It is a privilege to be of help during such difficult times. I am honored by the deep yet often temporary role I play.
Are you part of the “sandwich generation”? Are you between 40 and 60? Supporting a child while caring for a parent, at home or from afar?
Well, I’m just about there. I’m 46, I have a child at home and my parents are beginning to need more of my time. As the owner of A Hand at Home, you might think I’d know all the ins and outs of senior care. On one level I do, but when it comes to the delicate issue of helping my own parents, I’m right with everyone else.
Through my work I’ve found that most parents don’t want to be a burden to their children, but we kids need to know what’s going on and how to help. Right?
Try to sit down and have those personal talks as soon as you can. Find out where things stand and how your folks want issues to be handled should their circumstances change.
You don’t have to do it all alone, we’re here should you need some help. If you live far from your family, an agency like mine can take away a lot of worry. Give it a try and good luck, 530-545-0780
Last week we had another call from a concerned daughter who was worried that her mom wasn’t taking care of herself as well as she should be. What can we do?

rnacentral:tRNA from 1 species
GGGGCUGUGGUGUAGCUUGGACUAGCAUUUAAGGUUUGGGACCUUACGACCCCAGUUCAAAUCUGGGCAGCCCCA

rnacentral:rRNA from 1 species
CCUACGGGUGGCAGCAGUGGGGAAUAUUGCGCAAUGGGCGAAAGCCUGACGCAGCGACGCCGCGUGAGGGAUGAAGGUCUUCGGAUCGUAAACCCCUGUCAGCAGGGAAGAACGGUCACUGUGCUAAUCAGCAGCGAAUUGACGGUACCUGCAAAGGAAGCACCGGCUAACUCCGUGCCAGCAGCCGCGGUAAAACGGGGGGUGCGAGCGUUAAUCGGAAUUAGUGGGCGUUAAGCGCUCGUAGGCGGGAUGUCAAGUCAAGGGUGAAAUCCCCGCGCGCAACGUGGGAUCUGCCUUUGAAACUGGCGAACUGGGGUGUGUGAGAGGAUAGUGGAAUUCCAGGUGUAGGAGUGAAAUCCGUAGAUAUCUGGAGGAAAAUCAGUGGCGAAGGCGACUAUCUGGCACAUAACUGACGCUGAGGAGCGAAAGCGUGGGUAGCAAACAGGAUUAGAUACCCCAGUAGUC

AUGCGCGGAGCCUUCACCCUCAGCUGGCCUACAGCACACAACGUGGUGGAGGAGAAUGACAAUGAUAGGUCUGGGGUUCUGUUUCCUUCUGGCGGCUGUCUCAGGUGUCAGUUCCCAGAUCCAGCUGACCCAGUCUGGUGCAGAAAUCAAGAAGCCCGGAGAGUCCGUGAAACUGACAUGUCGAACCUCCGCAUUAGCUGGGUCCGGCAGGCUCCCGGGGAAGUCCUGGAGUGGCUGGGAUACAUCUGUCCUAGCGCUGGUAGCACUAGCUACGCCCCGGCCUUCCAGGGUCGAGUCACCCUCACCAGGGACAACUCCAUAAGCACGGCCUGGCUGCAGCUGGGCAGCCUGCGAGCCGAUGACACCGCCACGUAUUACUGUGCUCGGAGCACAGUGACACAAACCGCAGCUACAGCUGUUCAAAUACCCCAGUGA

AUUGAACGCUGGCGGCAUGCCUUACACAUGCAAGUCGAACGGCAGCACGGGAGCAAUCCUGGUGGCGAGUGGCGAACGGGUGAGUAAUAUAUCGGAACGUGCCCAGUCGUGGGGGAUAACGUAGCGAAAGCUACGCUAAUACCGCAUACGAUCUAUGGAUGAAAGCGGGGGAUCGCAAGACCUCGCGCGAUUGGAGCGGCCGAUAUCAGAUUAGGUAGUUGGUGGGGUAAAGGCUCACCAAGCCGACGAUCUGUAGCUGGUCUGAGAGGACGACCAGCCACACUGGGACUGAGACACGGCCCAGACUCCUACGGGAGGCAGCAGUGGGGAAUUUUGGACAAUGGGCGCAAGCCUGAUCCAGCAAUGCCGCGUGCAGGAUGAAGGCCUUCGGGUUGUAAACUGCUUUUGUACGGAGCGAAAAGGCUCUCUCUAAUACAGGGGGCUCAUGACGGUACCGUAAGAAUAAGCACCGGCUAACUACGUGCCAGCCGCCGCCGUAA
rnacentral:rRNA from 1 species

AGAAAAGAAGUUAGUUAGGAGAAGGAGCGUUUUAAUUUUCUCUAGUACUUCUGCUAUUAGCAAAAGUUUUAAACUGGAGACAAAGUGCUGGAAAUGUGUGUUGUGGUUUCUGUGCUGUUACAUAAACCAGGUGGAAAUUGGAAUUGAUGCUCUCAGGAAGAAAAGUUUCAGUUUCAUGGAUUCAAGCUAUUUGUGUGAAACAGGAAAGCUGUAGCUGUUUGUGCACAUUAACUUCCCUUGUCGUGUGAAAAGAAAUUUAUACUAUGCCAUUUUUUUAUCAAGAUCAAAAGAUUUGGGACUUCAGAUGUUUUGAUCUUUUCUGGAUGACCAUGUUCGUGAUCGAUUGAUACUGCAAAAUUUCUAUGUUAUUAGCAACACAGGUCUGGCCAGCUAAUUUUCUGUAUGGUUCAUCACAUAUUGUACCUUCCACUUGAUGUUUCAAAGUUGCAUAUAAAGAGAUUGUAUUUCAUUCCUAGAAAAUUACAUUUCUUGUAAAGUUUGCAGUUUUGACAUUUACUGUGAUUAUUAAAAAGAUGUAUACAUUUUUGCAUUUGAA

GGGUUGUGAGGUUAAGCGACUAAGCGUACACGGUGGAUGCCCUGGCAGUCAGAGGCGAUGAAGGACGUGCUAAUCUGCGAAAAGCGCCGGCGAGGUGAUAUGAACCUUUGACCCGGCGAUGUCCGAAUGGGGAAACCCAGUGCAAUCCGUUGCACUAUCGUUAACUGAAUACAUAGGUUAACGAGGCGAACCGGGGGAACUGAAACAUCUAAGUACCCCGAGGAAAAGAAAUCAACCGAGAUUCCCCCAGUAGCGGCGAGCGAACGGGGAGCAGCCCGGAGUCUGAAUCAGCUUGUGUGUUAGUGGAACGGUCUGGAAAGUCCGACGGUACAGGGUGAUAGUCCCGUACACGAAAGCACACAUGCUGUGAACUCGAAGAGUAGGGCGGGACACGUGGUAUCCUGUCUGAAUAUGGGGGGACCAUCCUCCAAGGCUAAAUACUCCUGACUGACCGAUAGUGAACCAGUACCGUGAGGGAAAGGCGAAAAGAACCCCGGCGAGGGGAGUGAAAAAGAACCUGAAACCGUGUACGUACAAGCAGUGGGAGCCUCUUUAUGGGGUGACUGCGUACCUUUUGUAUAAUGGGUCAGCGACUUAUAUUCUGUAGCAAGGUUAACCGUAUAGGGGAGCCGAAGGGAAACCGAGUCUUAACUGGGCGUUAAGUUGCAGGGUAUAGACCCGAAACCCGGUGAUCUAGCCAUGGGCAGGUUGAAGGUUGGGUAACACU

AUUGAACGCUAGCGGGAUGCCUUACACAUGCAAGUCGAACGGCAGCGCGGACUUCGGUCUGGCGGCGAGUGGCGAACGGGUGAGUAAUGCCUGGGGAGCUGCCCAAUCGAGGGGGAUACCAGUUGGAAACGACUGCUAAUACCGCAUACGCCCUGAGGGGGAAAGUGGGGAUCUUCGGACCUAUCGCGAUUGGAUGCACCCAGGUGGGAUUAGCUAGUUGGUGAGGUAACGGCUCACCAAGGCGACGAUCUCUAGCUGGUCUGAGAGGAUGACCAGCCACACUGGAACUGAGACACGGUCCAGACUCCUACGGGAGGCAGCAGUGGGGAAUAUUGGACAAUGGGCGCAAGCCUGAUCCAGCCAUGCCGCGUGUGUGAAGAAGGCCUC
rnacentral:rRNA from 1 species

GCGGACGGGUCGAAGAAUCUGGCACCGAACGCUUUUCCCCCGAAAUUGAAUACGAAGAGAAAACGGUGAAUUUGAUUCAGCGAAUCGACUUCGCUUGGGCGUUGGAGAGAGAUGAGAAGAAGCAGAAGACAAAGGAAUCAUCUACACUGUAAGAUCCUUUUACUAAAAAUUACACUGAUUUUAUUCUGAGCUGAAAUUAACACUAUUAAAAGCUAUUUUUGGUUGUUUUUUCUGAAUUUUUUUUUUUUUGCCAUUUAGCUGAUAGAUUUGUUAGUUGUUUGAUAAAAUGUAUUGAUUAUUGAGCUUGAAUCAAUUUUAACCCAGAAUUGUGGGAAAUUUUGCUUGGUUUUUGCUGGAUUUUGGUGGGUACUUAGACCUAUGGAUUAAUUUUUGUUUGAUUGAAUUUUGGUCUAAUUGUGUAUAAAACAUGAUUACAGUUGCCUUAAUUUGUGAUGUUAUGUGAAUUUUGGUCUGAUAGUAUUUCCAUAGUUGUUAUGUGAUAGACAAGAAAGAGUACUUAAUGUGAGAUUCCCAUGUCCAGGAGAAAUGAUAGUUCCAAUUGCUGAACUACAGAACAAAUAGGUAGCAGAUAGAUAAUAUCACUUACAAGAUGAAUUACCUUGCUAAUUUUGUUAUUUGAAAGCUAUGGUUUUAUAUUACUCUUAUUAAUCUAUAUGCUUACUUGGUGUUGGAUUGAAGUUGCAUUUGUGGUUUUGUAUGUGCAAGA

Well the answer is never the same from one family to the next but help starts with a simple conversation.
In this case the parent knew she needed help but had no idea what to ask for. The daughter lived out of town had a busy life, still wanted to help so she contacted us.
After a couple of phone calls we decided to have a face to face, mother, daughter, potential caregiver and myself. We spent about an hour getting to know one another, figuring out what areas mom could use some help with and setting up a schedule, leaving the financial arrangements for another time. ( in this case the daughter chose to handle the financial obligation herself)
It’s been a couple weeks and everything seems to be going well. The mother is getting the help she needs and the daughter has the confidence that someone is looking out for her mom.